CNN asks Trump supporters outside rally to explain ‘QAnon’ theory
CNN asked supporters of President Trump to explain “QAnon,” a right-wing conspiracy theory, in tense interviews outside of his Pennsylvania rally on Thursday night.
CNN’s Gary Tuchman asked Trump supporters, some of whom were wearing or displaying “Q” gear at the rally, about the wide-ranging and vague conspiracy theories spread under the name “QAnon.”
Trump supporter Timothy Rasmussen told CNN that said “Q” represents a “movement.”
“It’s a shift. I can feel it coming, some call it the great awakening,” Rasmussen said.
Many Trump supporters were wearing the letter “Q” and carrying signs.
“‘QAnon’ is the people that believe in what Trump’s trying to do to change our country,” one supporter, wearing a red “Q” shirt, told CNN.
Tuchman said that the supporter’s claim is a “generalization.”
“More specifically, what ‘QAnon’ is, is a fringe movement in which many baseless conspiracy theories are discussed on the internet, organized around the idea of an anonymous and well-connected person or persons nicknamed ‘Q,’” Tuchman said.
Trump supporters said that “QAnon” is an entity of several people high-up in the federal government with security clearance.
“How do you know that?” Tuchman asked.
“Well, I’m just telling you that’s what it appears to be,” one Trump supporter responded.
“So you don’t have any proof of that — you’re just guessing,” Tuchman said.
“And you don’t have any proof there isn’t,” the Trump supporter responded.
Tuchman pointed out that the press is a major target of the “QAnon” following. Trump has a contentious relationship with the press and calls the “fake news” the “enemy of the people.”
“You guys are our enemy,” one Trump supporter said, pointing a finger at Tuchman during the interview.
“So you don’t believe in the First Amendment?” the CNN reporter asked.
“I totally believe in the First Amendment,” the man, wearing a “Make America Great Again” hat, responded.
“Well, you don’t. You just said the press is the enemy,” Tuchman argued.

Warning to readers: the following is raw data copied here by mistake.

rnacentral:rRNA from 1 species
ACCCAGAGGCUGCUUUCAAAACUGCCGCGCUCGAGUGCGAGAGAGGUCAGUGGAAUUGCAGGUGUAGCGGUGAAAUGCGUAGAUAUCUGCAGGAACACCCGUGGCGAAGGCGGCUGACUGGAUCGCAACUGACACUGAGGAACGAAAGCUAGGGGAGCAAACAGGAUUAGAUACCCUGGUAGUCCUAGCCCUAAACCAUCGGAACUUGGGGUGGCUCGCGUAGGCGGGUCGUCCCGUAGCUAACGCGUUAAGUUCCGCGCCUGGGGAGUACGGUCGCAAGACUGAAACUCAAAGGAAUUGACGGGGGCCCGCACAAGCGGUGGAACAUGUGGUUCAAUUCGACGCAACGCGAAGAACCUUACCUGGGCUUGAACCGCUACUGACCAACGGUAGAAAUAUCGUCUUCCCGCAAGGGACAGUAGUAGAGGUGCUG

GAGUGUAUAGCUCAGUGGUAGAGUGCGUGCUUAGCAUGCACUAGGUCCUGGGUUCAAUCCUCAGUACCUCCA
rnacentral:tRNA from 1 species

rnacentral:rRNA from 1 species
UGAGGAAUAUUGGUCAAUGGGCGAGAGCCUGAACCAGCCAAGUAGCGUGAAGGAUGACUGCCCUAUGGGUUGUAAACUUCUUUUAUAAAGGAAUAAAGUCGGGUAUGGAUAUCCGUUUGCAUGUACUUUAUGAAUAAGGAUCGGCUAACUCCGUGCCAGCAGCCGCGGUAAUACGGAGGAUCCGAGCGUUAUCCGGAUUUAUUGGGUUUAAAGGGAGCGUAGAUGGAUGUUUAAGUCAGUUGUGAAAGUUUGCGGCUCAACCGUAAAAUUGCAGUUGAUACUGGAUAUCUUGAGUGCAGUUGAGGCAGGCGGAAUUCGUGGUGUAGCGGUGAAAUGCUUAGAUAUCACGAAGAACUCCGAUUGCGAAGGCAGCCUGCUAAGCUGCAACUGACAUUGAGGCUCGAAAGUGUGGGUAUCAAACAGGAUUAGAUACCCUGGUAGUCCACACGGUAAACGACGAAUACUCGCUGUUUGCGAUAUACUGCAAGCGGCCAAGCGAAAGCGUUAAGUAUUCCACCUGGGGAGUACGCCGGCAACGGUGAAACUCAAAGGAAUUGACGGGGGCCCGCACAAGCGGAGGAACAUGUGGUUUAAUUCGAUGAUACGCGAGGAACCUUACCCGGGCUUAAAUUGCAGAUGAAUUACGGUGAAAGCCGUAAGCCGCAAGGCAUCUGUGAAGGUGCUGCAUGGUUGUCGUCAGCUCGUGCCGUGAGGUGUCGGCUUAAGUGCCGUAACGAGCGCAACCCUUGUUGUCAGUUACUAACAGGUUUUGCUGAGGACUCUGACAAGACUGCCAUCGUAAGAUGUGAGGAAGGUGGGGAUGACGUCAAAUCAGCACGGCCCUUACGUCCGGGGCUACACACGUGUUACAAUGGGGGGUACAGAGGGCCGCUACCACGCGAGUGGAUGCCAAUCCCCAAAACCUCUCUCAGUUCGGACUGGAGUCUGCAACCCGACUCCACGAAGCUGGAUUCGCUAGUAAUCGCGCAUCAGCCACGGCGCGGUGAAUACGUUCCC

“You guys are weaponized, you are totally weaponized by the CIA,” the Trump supporter claimed.
Tuchman said he doesn’t know anyone in the CIA, except for some experts he has interviewed over the years.
“What does that even mean?” Tuchman asked the Trump supporter. “You say stuff that doesn’t even mean anything.”
“Q” has been been slowly gaining popularity under Trump’s presidency, and in recent weeks proponents of the conspiracy theory have appeared at Trump rallies wearing promotional gear.
“QAnon” touches on a variety of popular conspiracy theories: Democrats and prominent Hollywood figures are orchestrating underground pedophile rings; special counsel Robert Mueller’s probe is a front for investigating Hillary Clinton and Barack Obama for their ties to said rings; and hundreds of sealed indictments may have already been handed down in the Clinton case.
The conspiracy theories have been shared by some figures on the right, including Roseanne Barr and Alex Jones.
One “QAnon” theory that has been popularized by the president is the claim that the “criminal deep state” is operating behind the scenes of the government.
“Look how things have turned around on the Criminal Deep State. They go after Phony Collusion with Russia, a made up Scam, and end up getting caught in a major SPY scandal the likes of which this country may never have seen before!” Trump tweeted in May.
One Trump supporter at the Pennsylvania rally on Thursday accused the Clintons, Bushes and Obamas of all being apart of the deep state.
“So you think the Clintons, the Bushes and the Obamas are running the country as we stand here in the rain?” Tuchman asked.
“No, they’re trying,” she responded.
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